April 15, 2011
American Airlines Center
Dallas, TX USA
Review by David Huff
Photos by Barry Bond
Lil Wayne - Lil Wayne, Rick Ross, Travis Barker
I’ll be honest, if it hadn’t of been for Travis Barker performing on the Lil Wayne tour, I would have stayed 100 miles away from this show. Yeah, I know rap dominates the charts these days, but I just can’t get into a genre that butchers the English language under the guise of street poetry.
The show started out with a short set by unannounced opener, Porcelain Black. I kinda liked this tattooed white female rapper’s 20-minute show. Half her long mane was blonde, the other half raven black. I couldn’t understand a word she was warbling, but Porcelain, (aka Alaina Beaton), and her dancers were entertaining. Once Porcelain and her posse left the stage, an amazing boom box stage was erected for the upcoming sonic battle between turntable superstar Mixmaster Mike and rock drummer Travis Barker. Let me tell you, these two could definitely pound out the beats. It was actually quite enjoyable to watch because there were no words to decipher. The sound emanating from their respective loudspeaker positions in the boom box were really dope. (Hey, give me a break. I’m trying to sound hip and cool). I was fascinated by the mock sound battle these two engaged in, and for 45 minutes, it was a mean feat to behold.
And then it was time for Rick Ross. The crowd went wild when he appeared on stage standing in front of a giant poster of himself. Fists were pumping throughout his show, and one even caught me on the jaw. Rookie mistake on my part for not watching where I was going as Rick whipped his people into a tizzy with songs like "No Hands," "Magnificent," "Hustlin’, "Push It" and "Super High." It was actually quite interesting to watch the crowd interact with Rick. The fact they understood what he was saying totally shocked me, then again, when you’re out of your element, shock is the least of your worries.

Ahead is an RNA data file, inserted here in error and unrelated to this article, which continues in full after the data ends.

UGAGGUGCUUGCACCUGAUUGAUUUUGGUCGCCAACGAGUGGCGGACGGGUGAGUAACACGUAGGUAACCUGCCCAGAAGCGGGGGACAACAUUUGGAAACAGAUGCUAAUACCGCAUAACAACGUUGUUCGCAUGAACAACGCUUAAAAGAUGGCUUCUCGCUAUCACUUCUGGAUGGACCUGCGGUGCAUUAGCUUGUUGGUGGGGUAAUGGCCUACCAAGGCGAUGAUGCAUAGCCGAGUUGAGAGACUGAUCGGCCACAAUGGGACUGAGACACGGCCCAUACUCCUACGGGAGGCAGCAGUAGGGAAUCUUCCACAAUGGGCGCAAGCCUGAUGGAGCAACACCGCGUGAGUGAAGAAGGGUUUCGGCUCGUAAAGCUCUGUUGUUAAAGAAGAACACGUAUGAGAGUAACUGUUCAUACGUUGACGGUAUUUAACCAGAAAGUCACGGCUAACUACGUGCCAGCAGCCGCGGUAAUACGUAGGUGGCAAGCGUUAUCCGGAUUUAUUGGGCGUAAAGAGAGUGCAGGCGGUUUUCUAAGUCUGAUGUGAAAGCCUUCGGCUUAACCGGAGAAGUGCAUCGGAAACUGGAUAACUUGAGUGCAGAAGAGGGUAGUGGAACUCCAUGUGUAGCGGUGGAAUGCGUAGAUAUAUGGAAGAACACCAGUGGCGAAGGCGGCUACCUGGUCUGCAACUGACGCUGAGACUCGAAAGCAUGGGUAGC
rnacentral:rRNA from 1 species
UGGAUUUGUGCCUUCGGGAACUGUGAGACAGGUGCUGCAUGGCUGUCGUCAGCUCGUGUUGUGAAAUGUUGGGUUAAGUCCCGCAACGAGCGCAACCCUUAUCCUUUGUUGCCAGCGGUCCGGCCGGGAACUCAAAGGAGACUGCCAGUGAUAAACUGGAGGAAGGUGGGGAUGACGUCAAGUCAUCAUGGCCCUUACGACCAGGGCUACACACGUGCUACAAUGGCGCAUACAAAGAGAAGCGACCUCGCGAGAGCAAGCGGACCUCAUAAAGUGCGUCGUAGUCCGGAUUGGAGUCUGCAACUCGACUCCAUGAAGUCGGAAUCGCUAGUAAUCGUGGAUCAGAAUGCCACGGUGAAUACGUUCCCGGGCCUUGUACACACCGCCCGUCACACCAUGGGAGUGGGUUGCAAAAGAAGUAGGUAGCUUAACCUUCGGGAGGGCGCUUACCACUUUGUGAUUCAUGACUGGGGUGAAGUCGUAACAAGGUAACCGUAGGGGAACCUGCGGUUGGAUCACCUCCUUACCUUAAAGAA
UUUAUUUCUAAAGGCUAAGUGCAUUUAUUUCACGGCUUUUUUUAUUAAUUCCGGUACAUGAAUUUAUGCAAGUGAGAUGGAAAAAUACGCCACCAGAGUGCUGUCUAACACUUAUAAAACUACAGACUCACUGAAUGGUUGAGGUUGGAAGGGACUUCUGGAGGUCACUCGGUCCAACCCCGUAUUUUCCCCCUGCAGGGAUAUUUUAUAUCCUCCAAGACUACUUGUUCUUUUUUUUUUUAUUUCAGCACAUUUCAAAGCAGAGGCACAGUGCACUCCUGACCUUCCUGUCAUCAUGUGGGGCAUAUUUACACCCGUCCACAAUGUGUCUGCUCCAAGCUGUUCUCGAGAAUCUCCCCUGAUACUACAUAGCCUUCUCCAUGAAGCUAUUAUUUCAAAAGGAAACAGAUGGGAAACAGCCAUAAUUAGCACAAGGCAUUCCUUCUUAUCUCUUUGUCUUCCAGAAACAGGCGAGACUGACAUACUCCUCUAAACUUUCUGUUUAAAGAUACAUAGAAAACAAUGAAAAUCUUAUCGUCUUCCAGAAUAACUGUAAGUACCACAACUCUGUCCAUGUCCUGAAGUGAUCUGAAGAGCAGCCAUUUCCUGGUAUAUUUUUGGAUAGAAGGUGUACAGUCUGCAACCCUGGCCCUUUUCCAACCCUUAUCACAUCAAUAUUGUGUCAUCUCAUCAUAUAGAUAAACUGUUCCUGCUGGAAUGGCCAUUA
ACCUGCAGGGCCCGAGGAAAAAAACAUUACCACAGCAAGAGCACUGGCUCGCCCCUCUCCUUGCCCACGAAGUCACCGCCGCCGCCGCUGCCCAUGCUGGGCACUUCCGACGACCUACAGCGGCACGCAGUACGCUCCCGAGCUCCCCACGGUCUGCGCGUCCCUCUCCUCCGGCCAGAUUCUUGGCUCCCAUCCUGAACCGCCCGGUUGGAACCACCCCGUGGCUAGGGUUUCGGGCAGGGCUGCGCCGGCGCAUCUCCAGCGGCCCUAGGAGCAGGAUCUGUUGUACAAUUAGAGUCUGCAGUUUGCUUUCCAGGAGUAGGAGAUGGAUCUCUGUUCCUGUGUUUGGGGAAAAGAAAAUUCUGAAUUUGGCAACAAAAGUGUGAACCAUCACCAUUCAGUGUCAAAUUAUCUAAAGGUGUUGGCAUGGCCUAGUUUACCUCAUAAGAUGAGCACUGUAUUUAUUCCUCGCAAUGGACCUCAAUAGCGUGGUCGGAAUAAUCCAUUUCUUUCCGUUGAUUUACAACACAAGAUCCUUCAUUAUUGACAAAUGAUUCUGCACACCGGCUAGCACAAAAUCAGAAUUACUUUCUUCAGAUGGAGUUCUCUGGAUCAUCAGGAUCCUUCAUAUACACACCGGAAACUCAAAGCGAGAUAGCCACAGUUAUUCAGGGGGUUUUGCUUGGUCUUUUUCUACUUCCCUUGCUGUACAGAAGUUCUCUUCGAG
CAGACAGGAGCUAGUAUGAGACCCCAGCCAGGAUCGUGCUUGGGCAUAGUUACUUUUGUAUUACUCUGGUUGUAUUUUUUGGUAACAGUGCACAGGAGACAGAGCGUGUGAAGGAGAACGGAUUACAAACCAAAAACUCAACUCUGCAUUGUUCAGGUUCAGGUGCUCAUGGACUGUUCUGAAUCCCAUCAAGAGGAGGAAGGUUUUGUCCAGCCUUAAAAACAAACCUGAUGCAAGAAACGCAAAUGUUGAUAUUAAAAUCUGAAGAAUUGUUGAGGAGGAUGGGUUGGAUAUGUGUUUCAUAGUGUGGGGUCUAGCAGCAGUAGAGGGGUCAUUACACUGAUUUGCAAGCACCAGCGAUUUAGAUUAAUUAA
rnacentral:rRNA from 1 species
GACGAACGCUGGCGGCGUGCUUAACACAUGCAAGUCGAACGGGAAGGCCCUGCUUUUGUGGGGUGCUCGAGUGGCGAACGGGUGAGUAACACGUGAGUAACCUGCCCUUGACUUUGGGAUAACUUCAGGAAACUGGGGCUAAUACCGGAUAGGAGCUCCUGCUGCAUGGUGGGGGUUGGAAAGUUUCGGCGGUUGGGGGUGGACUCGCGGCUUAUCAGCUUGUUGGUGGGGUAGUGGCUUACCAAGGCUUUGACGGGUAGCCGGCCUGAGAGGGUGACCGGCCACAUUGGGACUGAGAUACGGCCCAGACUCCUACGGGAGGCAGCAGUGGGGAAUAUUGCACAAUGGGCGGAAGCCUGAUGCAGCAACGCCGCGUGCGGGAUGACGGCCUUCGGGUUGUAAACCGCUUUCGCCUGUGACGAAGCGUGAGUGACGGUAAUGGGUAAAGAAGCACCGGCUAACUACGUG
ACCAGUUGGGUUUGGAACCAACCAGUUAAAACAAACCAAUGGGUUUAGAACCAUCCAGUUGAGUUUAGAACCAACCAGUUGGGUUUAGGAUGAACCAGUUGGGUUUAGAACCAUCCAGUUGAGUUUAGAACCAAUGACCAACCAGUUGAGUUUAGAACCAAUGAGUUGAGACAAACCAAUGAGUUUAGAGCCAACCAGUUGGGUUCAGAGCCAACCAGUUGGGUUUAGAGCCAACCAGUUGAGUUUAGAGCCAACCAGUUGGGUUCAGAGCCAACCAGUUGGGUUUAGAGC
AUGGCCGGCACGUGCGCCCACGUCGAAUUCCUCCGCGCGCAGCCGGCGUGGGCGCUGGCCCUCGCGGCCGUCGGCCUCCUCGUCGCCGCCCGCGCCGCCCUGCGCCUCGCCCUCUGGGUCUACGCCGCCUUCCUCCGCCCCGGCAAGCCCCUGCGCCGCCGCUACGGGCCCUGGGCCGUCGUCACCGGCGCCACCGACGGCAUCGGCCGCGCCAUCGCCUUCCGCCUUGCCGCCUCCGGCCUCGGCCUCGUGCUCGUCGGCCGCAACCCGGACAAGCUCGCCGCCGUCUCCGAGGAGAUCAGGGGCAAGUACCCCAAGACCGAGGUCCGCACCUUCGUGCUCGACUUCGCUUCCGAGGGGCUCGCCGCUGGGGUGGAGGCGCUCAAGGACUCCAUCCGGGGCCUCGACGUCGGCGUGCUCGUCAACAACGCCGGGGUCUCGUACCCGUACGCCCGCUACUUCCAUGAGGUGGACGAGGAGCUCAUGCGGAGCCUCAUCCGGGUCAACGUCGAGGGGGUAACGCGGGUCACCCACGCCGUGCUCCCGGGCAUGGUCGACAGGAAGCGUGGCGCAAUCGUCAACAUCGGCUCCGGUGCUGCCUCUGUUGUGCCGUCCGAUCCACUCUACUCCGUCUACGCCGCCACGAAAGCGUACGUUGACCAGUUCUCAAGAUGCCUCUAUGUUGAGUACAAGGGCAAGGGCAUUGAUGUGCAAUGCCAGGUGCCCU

Finally it was time for Lil Wayne, who made a grand entrance from behind a neon lit Hollywood Squares background, complete with go-go dancers on one level, a deejay on the next, and a live band on the bottom. Interestingly enough, the last time this self-proclaimed greatest rapper on the planet made an appearance in the metro area, he played at the Allen Event Center. Since then Wayne has enhanced his street cred by spending most of 2010 in the Ryker’s Island jail facility on weapon charges (eight months to be exact) and released an album.
Lil Wayne was part entertainer, part ringmaster as he introduced several acts during his own act. Performers included Young Money, Mack Maine, Shanell and the always entertaining Nicki Minaj. There was even an appearance by Lil Twist, the Dallas native who bought himself a billboard at the I-35 / Loop 12 split for six months last year. But the house really erupted when Wayne commented that he’d been gone since last November, and he knew Drake was going to kill ‘em. Right on cue, the Grammy winning Drake joined Wayne on stage to deafening applause.
It was quite shocking, literally, to see Nicki Minaj perform her show in the middle of Lil Wayne's set. Then again, any artist who releases an album called Beam Me Up Scotty can appear any time she wants to during a show. It's also pretty funny to watch this five-foot sparkplug walk out on stage in her white, Maria Antoinette beehive hairdo with accompanying neon bodysuit. It had the 14,000 plus crowd roaring its approval as she vamped her way through her hits. Minaj, if you don't know, is the first artist to ever have seven charting singles in the Billboard Hot 100 at the same time. She performed every one of them, including "Your Love," "Right Thru Me" and "Moment 4 Life." Nicki would also return to perform two songs with Wayne, "Roger That" and the Flintstones-themed song "BedRock." I don't know who thought to inject Minaj into Wayne's show, but it certainly added an unexpected twist to an already entertaining show.
When Lil Wayne decided to perform during his own set, the New Orleans native was at his best when he was firing off his phrases accompanied by a live band. The pyro and light show also added nice touches to the show. Frequent Wayne collaborator Birdman joined the party too, trading lyrics with Wayne during "Money to Blow" and two other tracks. A shortened version of his monster hit, "Lollipop" followed, and then the rapper picked up a guitar to play "Prom Queen." Wayne played bits from most of his hits including "Fireman," "Mr. Carter," "Amilli," and the lead single "Six Foot Seven Foot," from the upcoming new album.
After it was all said and done, a festive crowd was left drained and happy. Whether you agree with the music or not, at the end of the day, it’s the audience that’s the ultimate judge. And in this contest, hands down, Tha Carter was hard to beat.